The Bevis Frond - Triptych (CD, Rubric, Pop/rock)
The third in a series of Bevis Frond reissues on the Rubric label, Triptych seems to the the first on which Nick Saloman's ideas are fully realized (the first two albums were relatively experimental and the sound quality varied from tune to tune). Here, Saloman's pop sensibilities are up front and obvious. The sound has now improved substantially, mainly because this was the first album to be recorded in a real recording studio. The album features more semi-psychedelic pop heavy on melodies and thick with cool fuzzy guitars. We would bet that this was probably the first album to make folks really stand up and take notice of Saloman's work. In addition to the original twelve tracks (including one on which Saloman's mom sings) the CD reissue also includes six bonus tracks. For anyone who wonders what all the underground buzz is about regarding the Bevis Frond, this would be an excellent starting point. Plenty of great underground numbers here including "Debbie's New Song for Drums," "Nowhere Fast," "Time To Change," and "You Got To Unwind." (Rating: 5)

Citizen Cope - Citizen Cope (CD, Dreamworks, Funk/soul/pop)
Clarence Greenwood, the man who now calls himself Citizen Cope, was formerly a keyboardist and DJ for Basehead. This is his first solo album and it is impressive indeed. Greenwood's mission was to record a "timeless" album. He has done just that. This self-titled debut is full of well produced funk/soul/pop music that ranks right up there with the best. Producer Bob Power worked with Greenwood to produce tunes that are surprisingly accessible yet completely genuine and sincere in their execution. No underground noise or schmaltzy gimmicks here...just good solid songwriting combined with snazzy arrangements. Greenwood's vocals are understated and his music defines a definite groove and stays in it. Great tunes like "Contact," "If There's Love," "Salvation," and "Theresa Prelude" present a determined and strong talent on the verge of creating a sensation. This truly is a timeless album chock full of catchy, danceable tunes that should appeal to young and old. RECOMMENDED. (Rating: 5++)

Josh Clayton-Felt - Spirit Touches Ground (CD, Dreamworks, Pop)
Josh Clayton-Felt first entered the public consciousness by means of an album he released many years ago with his first band School of Fish. The album has since become a favorite of pop fans worldwide and spawned the unforgettable hit "Three Strange Days." The second School of Fish album wasn't as successful. Accordingly, Josh went solo...recording no less than four albums before he died prematurely from cancer. This album was mixed shortly before Clayton-Felt died in 2000. Just as sad as the death of this young songwriter is the fact that this batch of tunes is as good as anything he recorded. His sincerity and masterful way of turning a tune are evident from start to finish on Spirit Touches Ground. It's a fitting farewell...but a strangely tragic reminder that there won't be any more albums to follow... (Rating: 5)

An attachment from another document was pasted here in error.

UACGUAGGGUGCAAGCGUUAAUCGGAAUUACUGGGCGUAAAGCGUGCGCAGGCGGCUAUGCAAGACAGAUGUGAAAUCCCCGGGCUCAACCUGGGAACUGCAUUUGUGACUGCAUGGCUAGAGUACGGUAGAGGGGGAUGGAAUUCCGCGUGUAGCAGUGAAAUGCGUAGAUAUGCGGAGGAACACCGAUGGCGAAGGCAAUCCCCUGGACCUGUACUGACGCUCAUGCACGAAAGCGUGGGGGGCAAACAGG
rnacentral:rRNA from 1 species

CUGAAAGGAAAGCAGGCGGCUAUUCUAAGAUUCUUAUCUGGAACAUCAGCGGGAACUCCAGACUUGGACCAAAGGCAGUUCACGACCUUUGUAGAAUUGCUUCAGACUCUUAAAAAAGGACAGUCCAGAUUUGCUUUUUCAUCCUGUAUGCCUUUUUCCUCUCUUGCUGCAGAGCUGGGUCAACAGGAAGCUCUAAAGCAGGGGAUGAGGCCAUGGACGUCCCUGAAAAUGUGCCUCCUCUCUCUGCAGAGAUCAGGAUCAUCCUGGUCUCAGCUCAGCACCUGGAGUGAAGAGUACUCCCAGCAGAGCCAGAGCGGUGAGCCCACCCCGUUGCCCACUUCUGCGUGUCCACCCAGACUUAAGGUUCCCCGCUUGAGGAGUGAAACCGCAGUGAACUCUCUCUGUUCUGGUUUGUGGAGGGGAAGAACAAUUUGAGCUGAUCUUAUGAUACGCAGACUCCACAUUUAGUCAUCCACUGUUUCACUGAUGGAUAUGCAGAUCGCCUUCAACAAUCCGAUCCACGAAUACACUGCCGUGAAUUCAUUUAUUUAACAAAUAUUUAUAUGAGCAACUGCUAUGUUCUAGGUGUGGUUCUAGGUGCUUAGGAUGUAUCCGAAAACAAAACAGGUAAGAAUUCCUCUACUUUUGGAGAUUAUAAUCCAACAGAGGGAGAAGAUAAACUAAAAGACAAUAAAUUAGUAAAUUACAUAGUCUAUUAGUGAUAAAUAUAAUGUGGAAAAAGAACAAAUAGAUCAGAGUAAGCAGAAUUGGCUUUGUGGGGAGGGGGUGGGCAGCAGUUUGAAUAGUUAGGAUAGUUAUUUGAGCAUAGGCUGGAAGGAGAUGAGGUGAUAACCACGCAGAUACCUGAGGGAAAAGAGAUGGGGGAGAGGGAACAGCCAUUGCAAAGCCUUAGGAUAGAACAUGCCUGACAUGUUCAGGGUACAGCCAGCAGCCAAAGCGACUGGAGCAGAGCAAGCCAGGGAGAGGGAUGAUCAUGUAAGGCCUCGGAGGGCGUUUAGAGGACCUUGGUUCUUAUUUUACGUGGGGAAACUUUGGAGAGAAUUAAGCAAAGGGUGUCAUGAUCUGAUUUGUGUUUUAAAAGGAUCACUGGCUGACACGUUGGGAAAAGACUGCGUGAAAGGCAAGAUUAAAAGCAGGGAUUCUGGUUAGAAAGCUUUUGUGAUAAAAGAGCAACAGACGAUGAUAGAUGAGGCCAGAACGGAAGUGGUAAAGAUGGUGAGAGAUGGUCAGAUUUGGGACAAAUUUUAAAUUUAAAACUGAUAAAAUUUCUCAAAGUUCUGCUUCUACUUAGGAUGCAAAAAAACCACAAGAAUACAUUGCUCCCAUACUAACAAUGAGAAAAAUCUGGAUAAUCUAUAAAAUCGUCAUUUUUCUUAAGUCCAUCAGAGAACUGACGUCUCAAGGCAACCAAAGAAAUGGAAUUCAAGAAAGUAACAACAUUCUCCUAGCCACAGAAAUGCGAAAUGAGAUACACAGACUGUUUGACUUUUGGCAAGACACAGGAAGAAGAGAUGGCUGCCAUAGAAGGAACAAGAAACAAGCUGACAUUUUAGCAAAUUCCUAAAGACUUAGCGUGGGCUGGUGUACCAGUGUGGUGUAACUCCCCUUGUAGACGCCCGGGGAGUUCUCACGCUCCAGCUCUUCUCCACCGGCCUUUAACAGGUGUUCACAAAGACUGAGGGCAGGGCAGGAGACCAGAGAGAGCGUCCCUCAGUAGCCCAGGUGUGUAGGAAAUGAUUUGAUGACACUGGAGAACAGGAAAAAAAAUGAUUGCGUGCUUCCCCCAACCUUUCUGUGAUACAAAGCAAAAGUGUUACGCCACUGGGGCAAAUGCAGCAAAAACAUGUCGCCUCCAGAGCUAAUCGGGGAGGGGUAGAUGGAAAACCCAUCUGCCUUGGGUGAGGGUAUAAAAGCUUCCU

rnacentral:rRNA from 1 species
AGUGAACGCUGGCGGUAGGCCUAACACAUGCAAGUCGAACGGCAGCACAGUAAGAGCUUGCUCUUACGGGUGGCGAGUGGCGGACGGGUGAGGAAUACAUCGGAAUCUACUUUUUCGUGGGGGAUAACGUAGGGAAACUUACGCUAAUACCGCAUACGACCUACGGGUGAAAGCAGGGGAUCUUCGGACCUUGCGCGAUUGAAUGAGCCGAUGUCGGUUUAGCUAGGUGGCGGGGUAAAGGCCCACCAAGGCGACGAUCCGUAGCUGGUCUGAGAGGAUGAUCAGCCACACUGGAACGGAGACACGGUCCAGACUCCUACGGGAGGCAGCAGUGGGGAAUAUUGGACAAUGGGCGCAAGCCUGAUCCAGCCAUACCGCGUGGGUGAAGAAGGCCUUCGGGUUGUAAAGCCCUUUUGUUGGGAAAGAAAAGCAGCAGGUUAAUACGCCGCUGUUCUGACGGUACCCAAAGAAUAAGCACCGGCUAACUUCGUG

The Czars - The Ugly People vs. The Beautiful People (CD, Manifesto, Soft pop)
Although it may take a few listens to sink in, The Ugly People vs. The Beautiful People is a soft, moody, beautiful collection of slick, melodic pop music that should appeal to a wide array of people. This Denver band released a couple of albums on their own before being discovered by Simon Raymonde (of The Cocteau Twins) who promptly signed the band to his Bella Union label in Britain. The band's music is hypnotic and slightly orchestrated pop with smooth vocal work. We particularly dig the understated brilliance of "Drug" and the rocking sound of "This." The Czars are not trying to sound ultra weird or to stretch the boundaries of popular music. Instead, they seem intent on writing good solid tunes and them giving them just enough polish to make the music sparkle. Listeners should take note of all new releases on the Manifesto label. These people are consistently putting out amazing things...and this is certainly one of them. (Rating: 5)

The Dears - Nor the Dahlias: The Dears 1995-1998 (CD, Grenadine, Pop)
Somewhat reminiscent of The Smiths and The Housemartins, this CD serves as an introduction for us to the music of Canada's The Dears. The band's bright, bouncy, British influenced pop music is infectious and surprisingly accessible. As is to be expected of a disc culling tracks from many different sources, the sound quality of this album varies from tune to tune. But considering the quality of the songwriting, this doesn't matter in the least. Hearing this sure makes us wanna go out and grab hold of the band's debut full-length (End of a Hollywood Bedtime Story). Top picks: "Everlasting," "Nine Eight Two," "Mute Button," and "She's Well Aware." (Rating: 4+++)

Departure Lounge - Too Late to Die Young (CD, Nettwerk, Pop)
Britain's Departure Lounge is the project spearheaded by Tim Keegan, who has collaborated in the past with Robyn Hitchcock (who makes a guest appearance on one tune here). The music of Departure Lounge is lush, orchestrated pop music with memorable melodies and moody electronics. Too Late to Die Young was produced by Kid Loco. This may explain the sometimes lush and occasionally trippy production elements. The tunes here are, for the most part, moody compositions...but the group also explores some rather intriguing instrumental territory that is challenging and inventive. Keegan's super smooth vocals are right on target every time. This is a very satisfying collection of tunes. Standout cuts include "Straight Line to the Kerb," "Tubular Belgians In My Goldfield," "Be Good to Yourself," and "Silverline." (Rating: 5+)

Dignity (Sort of lost thing in the big scheme of things kind of thing)